For example, suppose your Monday theme is food. If you search for “food” in the paid version of BuzzSumo, you can see a list of the most shared headlines in the timeframe of your choosing.
Use these insights to inform the headlines and introductions for your content. Remember to put your own spin on the content you create; don’t plagiarize.
Now tie your topics into your calendar of events. If you’re in healthcare and basketball season is starting, your topics might relate to common injuries that basketball players face. If you’re in the fashion industry and Fashion Week is coming up, start showcasing your new inventory and do previews of what’s in store during that event.
When you add topics to your content calendar, break down your primary topic and secondary topic on a weekly basis.
Sticking to a theme for the week helps you break your calendar into bite-sized chunks. For the topic “food,” for example, you can showcase foods that help improve skin health.
You want to tie your content into a theme that your audience can relate to, as opposed to randomly generating content that may not be appropriate for the season. For example, an article about how much water you need to drink is probably more interesting to people in summer months than during the winter.
#5: Detail Individual Posts
Do your social media accounts focus on images? Video? Writing? Figure out how to incorporate all of your main content types into your calendar.
If articles drive your account, for example, have some ready to go, Monday through Friday, that relate to both your primary and secondary themes.
Quote cards are an easy way to cover your main weekly topic of focus. In healthcare, for example, you could cover health facts or share health tips. A tool like Canva makes it easy to create quote cards and images.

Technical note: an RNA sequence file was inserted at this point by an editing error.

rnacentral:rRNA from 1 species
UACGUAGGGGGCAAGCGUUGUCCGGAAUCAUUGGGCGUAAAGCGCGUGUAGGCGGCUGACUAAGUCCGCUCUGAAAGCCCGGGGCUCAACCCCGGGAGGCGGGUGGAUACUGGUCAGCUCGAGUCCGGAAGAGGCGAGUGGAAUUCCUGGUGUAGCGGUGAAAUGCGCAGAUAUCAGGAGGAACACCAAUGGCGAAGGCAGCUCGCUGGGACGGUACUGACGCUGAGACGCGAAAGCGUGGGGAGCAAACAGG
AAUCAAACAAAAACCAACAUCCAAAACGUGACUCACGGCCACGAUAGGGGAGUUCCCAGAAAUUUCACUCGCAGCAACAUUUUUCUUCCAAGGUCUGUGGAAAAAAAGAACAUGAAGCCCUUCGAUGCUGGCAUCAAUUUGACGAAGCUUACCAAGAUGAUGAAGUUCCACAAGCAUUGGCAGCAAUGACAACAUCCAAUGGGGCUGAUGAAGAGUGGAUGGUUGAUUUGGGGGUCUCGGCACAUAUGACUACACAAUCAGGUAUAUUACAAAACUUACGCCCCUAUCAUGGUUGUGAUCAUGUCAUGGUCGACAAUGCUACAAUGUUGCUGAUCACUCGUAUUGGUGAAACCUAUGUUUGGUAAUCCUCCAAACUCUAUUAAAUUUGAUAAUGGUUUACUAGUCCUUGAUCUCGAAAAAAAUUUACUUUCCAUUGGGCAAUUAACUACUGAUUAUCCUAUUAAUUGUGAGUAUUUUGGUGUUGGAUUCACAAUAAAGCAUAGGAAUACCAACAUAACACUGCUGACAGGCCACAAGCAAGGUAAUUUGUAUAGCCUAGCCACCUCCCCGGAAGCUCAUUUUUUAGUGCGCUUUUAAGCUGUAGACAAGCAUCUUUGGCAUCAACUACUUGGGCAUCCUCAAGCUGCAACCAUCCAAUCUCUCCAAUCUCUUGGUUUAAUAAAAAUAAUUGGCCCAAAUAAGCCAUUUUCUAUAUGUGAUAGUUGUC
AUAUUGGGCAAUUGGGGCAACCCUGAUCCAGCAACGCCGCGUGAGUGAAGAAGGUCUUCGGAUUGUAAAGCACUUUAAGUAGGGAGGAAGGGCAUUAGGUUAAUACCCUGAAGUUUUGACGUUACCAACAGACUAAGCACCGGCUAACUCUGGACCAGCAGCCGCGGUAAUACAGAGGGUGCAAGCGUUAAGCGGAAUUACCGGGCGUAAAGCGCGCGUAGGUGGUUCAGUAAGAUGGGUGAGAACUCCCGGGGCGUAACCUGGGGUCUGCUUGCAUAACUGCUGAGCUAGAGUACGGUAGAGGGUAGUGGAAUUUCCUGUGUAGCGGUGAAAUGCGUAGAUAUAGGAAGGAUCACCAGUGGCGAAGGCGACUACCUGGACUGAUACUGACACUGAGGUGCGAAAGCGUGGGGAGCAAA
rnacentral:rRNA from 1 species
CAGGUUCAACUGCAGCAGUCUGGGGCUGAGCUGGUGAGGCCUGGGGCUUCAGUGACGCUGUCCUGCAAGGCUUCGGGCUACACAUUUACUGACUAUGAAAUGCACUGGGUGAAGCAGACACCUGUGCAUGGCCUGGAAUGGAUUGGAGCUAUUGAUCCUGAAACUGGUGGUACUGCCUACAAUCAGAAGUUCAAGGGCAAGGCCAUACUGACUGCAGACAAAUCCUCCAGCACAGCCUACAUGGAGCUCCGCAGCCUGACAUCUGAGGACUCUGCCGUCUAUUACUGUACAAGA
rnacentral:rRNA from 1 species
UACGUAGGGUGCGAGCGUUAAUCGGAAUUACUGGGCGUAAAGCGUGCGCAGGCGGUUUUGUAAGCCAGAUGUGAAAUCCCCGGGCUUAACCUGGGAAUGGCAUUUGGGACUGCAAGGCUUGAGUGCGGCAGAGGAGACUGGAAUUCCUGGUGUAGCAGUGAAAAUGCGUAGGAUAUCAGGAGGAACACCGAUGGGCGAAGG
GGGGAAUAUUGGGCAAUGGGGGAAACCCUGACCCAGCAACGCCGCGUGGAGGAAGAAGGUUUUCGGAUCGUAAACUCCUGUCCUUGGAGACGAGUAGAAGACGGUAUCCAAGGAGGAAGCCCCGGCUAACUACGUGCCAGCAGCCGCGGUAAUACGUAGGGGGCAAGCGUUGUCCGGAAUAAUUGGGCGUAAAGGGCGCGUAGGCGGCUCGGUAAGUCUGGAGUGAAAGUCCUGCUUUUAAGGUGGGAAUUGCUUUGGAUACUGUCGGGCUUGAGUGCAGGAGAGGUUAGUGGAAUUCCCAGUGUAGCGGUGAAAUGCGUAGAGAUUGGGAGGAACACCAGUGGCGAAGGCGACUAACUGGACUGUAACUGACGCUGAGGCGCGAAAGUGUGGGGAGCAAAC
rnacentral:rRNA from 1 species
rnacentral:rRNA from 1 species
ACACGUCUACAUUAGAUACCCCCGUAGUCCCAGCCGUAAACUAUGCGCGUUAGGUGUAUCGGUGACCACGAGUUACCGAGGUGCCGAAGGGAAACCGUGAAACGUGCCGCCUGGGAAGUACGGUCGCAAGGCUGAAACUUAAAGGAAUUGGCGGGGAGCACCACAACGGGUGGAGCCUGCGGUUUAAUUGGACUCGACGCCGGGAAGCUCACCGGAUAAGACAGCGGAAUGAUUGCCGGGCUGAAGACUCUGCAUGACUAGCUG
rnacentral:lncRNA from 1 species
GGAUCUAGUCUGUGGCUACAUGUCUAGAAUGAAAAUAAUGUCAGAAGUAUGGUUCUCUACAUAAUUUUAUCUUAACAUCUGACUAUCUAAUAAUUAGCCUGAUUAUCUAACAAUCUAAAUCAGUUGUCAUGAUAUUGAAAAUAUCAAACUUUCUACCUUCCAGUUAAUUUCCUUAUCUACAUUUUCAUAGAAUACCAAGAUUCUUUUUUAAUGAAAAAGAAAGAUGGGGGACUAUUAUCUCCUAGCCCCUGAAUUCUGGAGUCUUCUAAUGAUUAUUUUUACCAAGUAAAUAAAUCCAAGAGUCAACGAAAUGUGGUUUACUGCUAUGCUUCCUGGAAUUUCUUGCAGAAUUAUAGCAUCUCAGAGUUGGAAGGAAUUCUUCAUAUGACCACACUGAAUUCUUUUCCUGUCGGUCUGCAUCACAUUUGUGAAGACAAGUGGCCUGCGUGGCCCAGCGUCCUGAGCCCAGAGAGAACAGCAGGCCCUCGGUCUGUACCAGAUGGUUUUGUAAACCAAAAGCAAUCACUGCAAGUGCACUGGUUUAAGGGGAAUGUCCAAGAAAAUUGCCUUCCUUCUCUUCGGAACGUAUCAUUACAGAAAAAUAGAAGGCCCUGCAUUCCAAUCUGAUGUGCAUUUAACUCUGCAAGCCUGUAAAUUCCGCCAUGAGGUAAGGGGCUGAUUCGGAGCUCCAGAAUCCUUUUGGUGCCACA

Now start filling your calendar with the content you want to create. Eventually, it will look something like this.
It doesn’t really matter if you post once a day or 10 times a day. What matters is to make sure you can maintain the volume of content for your calendar. If you work at a large company and have a lot of resources dedicated to content creation, publish as much as you can. If you work at a small company or by yourself, try to publish at least two pieces of content each day.
Doing an entire year of content planning up front allows you to focus on creating and delivering quality content every week. Try to stay a few weeks ahead in your content creation because it’s easy to fall behind when you’re posting something new every day.
As your audience grows more familiar with your content and your business, they’ll start expecting to see posts at certain times. Keep to your schedule and post your content at the same time each day. You can use tools like Buffer or Hootsuite to do this, and as an added bonus, they’ll post on multiple platforms for you.
What do you think? Do you use some of these tactics to create your social media content calendar? What tips can you offer? Please share your thoughts in the comments below.